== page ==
Columned Room Divider
Columned Room Divider
In cavernous family rooms, built-ins can graciously carve out more intimate spaces and designate zones for specific activities, from dining and lounging to working and entertaining. The owners of this Colonial Revival–style home wanted a portion of their large great room to serve as a kind of private living room and study where they could relax with a good book or catch up on office work. Rather than split the large space in two with a solid wall, architect Mark Hughes designed a less imposing columned divider with built-in bookshelves and cabinets. A wide, open area at the top preserves the great-room feeling without sacrificing the coziness of the separate living and working spaces. On the office side, study carrels and shelves hold a selection of the homeowners' weighty legal books (both are lawyers). On the living room side, the open cubbies are lined with natural cherry wood; the closed cabinets below hold more books and memorabilia.
IDEA: Use built-ins to mask structural members. The hollow wooden column seen at left perfectly conceals a 3-by-4-inch steel post that supports the ceiling's load and the master bathroom upstairs.
Stair-Wall Wine Cellar
Stair-Wall Wine Cellar
Unless you've got a Boy Wizard bunking under your stairs, chances are you're not putting the space to very good use. In this case, the kitchen designer made the neglected area a stylish focal point where the homeowners could store and display their favorite wines. Glass decanters and stemware are concealed within the stained-pine cabinetry, and paraphernalia like corkscrews and coasters live in the drawers. The triangular treatment looks difficult to design and install, but the majority of the space is occupied by standard rectangular cabinets and drawers. Only the top cabinet and bottle rack required special cuts and assembly. "Getting a proper fit all depends on how well you can measure and get the dimensions to work out," says John Troxell, director of design at Wood-Mode, the company that made the cabinets. Wide trim boards on the top and sides of the unit help hide any unsightly gaps or scribing where the cabinets were inserted into the wall cavity.
IDEA: Keep dust from collecting in glasses or stored china by using built-in cabinets with doors instead of open shelving. Choose from solid wood doors, ones fitted with glass panes—popular in kitchens—and hinged tempered-glass panels.
Bedrooms in old houses often lack a proper closet, and this 1880s Folk Victorian farmhouse was no different. A time-honored solution is to build a floor-to-ceiling wardrobe that spans the length of a single wall, but that approach can look monolithic, while also eating up usable floor space. For this child's room, architect Anthony Vermandois broke with tradition by claiming a corner—unexploited real estate in most rooms—to build a wardrobe with an adjoining, stepped-down shelving unit that tops out before reaching the ceiling. "It's a closet that doesn't gobble up all the visual space," he says. And the varying heights make the single built-in look more like two individual pieces of furniture. The wardrobe is 24 inches deep to accommodate standard clothes hangers, but for a similar cabinet in a hallway to hold linens, a shallower 16- or 20-inch depth will do.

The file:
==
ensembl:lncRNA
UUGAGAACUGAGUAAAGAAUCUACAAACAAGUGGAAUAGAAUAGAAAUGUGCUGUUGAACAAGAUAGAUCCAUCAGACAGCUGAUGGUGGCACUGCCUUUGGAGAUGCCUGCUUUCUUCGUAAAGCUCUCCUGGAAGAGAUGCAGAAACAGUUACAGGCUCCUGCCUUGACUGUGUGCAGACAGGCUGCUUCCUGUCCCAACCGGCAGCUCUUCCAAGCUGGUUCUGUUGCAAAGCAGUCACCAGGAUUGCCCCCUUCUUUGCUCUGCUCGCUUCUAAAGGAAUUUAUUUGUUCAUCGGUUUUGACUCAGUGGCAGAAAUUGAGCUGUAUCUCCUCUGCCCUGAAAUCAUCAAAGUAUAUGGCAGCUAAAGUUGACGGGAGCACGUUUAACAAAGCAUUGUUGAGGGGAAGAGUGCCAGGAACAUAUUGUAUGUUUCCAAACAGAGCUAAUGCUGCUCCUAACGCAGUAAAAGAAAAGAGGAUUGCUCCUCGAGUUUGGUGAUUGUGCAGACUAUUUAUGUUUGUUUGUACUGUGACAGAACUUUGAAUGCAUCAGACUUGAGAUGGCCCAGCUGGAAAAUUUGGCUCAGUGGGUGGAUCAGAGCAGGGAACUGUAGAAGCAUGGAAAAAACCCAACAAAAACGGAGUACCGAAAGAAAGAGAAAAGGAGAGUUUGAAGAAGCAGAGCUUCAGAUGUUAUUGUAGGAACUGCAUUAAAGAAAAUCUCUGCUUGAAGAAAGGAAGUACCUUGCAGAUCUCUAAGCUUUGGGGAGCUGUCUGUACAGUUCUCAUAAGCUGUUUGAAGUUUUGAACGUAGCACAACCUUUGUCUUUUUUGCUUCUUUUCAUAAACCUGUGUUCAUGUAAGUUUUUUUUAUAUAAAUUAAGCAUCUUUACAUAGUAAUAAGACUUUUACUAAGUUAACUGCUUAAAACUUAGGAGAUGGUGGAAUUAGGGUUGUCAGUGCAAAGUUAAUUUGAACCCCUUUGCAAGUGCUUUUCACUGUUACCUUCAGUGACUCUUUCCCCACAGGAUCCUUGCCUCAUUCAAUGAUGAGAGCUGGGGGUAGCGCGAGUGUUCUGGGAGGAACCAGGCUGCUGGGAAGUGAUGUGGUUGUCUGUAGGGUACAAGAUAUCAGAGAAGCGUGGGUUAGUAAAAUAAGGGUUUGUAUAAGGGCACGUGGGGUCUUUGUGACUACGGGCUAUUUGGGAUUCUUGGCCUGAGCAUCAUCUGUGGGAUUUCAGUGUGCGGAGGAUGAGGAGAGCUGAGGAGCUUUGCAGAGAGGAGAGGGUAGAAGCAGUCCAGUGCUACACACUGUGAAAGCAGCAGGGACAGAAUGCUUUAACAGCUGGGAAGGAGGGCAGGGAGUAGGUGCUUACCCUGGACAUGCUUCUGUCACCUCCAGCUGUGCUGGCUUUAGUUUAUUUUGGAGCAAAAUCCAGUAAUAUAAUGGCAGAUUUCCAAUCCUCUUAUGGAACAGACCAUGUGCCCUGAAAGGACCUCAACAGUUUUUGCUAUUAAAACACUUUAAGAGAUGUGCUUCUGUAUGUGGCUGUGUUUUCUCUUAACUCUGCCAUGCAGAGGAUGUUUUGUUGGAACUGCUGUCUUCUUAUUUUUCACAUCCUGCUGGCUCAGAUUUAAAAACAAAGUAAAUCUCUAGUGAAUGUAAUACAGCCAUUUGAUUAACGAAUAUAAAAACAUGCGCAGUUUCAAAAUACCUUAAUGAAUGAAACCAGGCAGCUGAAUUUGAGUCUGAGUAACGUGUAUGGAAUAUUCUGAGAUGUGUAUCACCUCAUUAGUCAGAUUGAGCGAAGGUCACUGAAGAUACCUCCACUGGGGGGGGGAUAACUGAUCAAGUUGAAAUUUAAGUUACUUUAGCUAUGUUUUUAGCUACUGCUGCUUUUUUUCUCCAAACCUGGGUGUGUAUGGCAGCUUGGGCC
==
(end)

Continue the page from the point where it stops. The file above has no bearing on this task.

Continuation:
IDEA: Construct built-ins with materials that are appropriate to the age and style of the house in which they are installed. The wardrobe below is made from a rustic-looking beadboard paneling that's perfectly suited to an old farmhouse.
Built-ins that create an alcove for freestanding furniture can give pride of place to a new home-theater setup or call attention to the craftsmanship of a fine antique. During the renovation of an 1840s farmhouse, the homeowners asked designers Rick and Liz O'Leary to integrate a handsome chest of drawers into the master bedroom's walk-in closet. The O'Learys responded with a pair of tall shelving units that flank the chest, framing it with just two inches of clearance on either side to give the piece a sense of permanence in the room. The same approach in a master bathroom, with built-in shelving around a vanity table, could provide close-at-hand storage for towels and toiletries, eliminating the need for a medicine cabinet over the sink.
IDEA: Design clothing storage for specific functions. A 10-inch-wide shelf is ideal for men's shoes, while 8 inches is typically the max required for women's. Allow 12 inches for folded shirts and sweaters.